Avocado and Shrimp Crostini

Crisp toasted bread topped Tex-Mex-style, with mashed avocado, shrimp and salsa.


Preparation: 15 minutes

Cooking time: none

Makes: 12 crostini


1 Tbsp lime juice

1 medium, ripe avocado, quartered, pitted and peeled

2 Tbsp sour cream

• salt and white pepper, to taste

12 crostini

12 tsp medium or hot tomato salsa

100 grams small, cooked salad shrimp, patted dry

12 small cilantro sprigs

Place the lime juice and avocado in a medium bowl. Use the back of a spoon to mash avocado until fairly smooth. Mix in the sour cream, salt and pepper.

Set crostini on a serving platter, and then divide and spread with the avocado mixture. Set 1 tsp of salsa in the centre of each crostini. Now divide and set some shrimp on each crostini. Garnish each crostini with a cilantro sprig and serve.


Smoked Salmon, Boursin and Cucumber Crostini 

Creamy, garlic and herb flavoured cheese, refreshing cucumber and smoky salmon combine in these tasty bites.

Preparation: 20 minutes

Cooking time: none

Makes: 12 crostini


12 crostini

1 (150 gram) boursin cheese, garlic and herb flavour

24 paper-thin slices English cucumber

6 thin slices smoked salmon, each halved widthwise

12 small dill sprigs

24 thin twirls of lemon zest

Spread each crostini with boursin cheese and set on a serving platter. Top each crostini with two cucumber slices, slightly overlapping them. Artfully set a half piece of smoked salmon on each crostini. Garnish each crostini with a dill sprig and two twirls of lemon zest, and then serve.


Pear and Blue Cheese Crostini with Balsamic Crema and Nuts

Sweet and smoky fruit, tangy cheese and rich walnuts combine in these crostini. Those items are drizzled with balsamic crema. It is syrupy, reduced balsamic vinegar found at specialty food stores and in the deli section or vinegar aisle of most supermarkets.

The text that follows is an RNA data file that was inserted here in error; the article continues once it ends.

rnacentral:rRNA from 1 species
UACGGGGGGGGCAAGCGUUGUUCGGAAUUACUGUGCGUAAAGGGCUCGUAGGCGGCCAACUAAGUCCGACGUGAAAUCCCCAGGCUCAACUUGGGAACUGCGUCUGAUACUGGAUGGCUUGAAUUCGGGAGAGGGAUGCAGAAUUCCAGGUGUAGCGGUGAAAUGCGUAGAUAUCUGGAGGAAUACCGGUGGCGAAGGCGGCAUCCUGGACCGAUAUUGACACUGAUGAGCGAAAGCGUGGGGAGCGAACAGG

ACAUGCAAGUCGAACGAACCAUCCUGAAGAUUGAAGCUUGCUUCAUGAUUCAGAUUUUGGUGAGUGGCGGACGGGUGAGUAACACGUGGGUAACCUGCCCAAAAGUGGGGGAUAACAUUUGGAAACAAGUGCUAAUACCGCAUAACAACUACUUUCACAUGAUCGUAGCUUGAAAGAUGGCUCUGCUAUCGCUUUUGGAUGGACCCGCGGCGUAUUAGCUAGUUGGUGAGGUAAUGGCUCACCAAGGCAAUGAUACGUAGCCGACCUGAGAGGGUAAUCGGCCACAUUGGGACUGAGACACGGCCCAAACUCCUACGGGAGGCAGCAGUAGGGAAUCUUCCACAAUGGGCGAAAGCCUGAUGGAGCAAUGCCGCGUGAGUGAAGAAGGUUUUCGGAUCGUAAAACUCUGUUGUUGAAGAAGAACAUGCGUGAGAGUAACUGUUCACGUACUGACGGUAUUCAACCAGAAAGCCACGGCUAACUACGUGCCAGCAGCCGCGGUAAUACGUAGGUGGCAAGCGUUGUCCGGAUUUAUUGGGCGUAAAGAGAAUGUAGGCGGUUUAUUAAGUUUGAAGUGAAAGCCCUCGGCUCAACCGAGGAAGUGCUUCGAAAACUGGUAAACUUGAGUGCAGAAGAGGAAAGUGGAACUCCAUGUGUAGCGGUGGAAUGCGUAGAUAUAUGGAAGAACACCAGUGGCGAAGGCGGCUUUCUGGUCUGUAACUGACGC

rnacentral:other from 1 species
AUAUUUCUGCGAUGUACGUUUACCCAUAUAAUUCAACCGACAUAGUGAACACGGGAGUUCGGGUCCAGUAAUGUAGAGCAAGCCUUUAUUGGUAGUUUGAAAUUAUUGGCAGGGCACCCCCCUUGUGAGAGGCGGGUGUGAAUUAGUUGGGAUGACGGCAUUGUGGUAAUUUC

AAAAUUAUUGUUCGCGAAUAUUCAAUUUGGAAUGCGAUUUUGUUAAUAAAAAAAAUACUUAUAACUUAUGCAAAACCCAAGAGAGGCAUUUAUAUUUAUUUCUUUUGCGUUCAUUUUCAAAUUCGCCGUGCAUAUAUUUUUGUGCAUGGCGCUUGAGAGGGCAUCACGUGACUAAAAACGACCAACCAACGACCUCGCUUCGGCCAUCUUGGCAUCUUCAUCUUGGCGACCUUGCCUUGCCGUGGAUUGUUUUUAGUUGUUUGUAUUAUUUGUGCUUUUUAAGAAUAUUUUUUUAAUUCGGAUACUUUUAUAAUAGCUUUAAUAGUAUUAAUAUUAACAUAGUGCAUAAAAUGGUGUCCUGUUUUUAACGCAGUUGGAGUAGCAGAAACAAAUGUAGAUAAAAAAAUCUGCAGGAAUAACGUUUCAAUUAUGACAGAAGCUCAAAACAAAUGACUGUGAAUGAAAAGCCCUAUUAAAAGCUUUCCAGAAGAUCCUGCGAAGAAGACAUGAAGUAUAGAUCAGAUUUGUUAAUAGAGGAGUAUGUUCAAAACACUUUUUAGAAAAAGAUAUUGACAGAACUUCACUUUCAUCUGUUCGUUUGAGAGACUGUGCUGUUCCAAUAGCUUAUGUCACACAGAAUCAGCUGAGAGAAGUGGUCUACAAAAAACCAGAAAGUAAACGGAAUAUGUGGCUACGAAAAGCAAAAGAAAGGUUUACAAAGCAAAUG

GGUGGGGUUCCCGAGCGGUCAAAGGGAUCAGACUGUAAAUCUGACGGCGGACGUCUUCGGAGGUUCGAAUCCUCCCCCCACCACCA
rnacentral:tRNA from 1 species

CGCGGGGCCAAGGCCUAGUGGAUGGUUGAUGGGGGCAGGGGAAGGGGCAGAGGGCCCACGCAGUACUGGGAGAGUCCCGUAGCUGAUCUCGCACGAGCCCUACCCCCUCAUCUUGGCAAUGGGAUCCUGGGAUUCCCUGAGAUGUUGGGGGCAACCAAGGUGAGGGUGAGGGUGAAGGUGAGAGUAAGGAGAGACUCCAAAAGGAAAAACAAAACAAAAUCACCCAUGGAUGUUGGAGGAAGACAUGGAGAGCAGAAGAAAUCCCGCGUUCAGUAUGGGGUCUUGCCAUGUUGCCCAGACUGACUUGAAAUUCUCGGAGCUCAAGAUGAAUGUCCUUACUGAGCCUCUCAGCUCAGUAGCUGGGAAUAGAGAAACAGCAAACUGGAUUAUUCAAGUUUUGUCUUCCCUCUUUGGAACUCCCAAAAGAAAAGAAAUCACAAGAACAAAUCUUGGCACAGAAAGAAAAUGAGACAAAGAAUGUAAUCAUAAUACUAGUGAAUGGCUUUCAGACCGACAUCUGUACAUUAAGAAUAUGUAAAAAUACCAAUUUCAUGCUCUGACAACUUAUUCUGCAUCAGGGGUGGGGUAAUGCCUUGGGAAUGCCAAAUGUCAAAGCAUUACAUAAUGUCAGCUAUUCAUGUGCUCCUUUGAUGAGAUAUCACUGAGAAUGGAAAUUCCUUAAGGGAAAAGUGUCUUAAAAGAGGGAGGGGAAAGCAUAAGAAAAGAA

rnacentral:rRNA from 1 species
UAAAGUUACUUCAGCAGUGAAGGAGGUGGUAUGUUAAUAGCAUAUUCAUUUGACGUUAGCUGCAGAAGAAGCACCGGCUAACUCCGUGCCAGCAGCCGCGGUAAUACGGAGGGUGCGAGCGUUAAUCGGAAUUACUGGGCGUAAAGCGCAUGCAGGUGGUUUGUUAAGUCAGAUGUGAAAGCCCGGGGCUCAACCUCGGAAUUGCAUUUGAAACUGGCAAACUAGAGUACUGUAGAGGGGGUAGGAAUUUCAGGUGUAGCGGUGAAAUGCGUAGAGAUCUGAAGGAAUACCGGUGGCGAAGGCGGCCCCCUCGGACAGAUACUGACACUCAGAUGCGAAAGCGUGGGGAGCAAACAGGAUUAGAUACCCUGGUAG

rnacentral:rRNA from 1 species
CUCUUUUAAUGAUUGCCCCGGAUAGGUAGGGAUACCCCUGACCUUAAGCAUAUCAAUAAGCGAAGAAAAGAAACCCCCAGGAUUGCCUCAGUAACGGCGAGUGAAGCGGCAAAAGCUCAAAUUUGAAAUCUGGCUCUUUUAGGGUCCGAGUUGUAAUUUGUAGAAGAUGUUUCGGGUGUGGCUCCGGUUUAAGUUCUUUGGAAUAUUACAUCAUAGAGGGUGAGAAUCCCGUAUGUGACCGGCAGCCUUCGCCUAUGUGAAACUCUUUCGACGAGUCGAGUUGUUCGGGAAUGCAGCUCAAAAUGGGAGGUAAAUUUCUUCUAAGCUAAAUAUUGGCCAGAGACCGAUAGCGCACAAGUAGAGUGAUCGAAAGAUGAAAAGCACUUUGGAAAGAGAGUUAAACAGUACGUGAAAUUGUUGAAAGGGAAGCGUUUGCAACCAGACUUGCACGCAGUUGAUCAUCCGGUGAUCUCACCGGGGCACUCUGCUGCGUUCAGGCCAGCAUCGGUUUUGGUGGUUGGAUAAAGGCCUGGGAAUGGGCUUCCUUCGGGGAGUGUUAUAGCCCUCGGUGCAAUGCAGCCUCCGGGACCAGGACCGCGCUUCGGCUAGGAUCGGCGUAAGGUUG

Preparation: 20 minutes

Cooking time: a few minutes

Makes: 12 crostini


1 medium, slightly under-ripe pear

2 tsp lemon juice

2 tsp olive oil, plus some for the grill

12 crostini

12 thin slices blue cheese, each large enough to fit the top of the crostini (see Note)

12 walnut or pecan halves

• freshly ground black pepper, to taste

• balsamic crema, to taste

12 small rosemary or Italian parsley sprigs (optional)


Preheat an indoor grill or barbecue to medium-high. Quarter pear lengthwise and remove core. Now cut each quartered pear, lengthwise, into three wedges. Toss pear slices with lemon juice and 2 tsp olive oil. Oil the bars of your grill. Grill the pears about 30 seconds per side, and then set on a plate.

Set crostini on a serving platter. Top each with a slice of cheese, pear wedge and a walnut or pecan half. Sprinkle with pepper and drizzle with a little balsamic crema. If desired, garnish crostini with a small rosemary or parsley sprig, and then serve.

Note: Don’t care for blue cheese? Then top crostini with Brie, mascarpone or goat cheese.

Eric Akis is the author of eight cookbooks. His latest is The Great Rotisserie Chicken Cookbook. His columns appear in the Life section Wednesday and Sunday.